The Idaho AARP now says it'll push for establishing a new state consumer utility advocate during the legislative session that starts in January, after the idea was passed over in revisions to the Idaho Energy Plan recently approved by a joint legislative committee. “It's clear whose voice was heard and whose wasn't,” said Jim Wordelman, state director for AARP in Idaho. “Idaho utility companies were really the only ones opposed to creating a stronger voice and presence for consumers by establishing an office to advocate on their behalf.” The senior citizens group wants a consumer advocate office to advocate for consumers in rate cases before the Public Utilities Commission and the courts; Idaho is the only western state that doesn't have one.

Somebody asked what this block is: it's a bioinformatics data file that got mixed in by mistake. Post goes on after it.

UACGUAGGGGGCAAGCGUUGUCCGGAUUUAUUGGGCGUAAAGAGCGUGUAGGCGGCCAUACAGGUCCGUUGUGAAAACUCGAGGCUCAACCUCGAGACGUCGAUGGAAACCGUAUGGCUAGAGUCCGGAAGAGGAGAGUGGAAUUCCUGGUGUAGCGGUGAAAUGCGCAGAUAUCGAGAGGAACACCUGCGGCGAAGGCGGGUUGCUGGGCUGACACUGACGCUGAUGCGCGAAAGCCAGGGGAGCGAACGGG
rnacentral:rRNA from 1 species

A motion in the Energy, Environment and Technology Interim Committee to explore the concept as part of the state's energy plan revisions failed on an 8-4 vote. “We are disappointed to say the least,” Wordelman said, who noted that numerous AARP members submitted comments to the panel supporting the idea. “AARP will revisit the creation of the consumer advocate office in the upcoming legislative session. We only hope the legislature will be more responsive to the needs of Idaho's residential consumers and small businesses.”
Betsy Z. Russell covers Idaho news from The Spokesman-Review's bureau in Boise.
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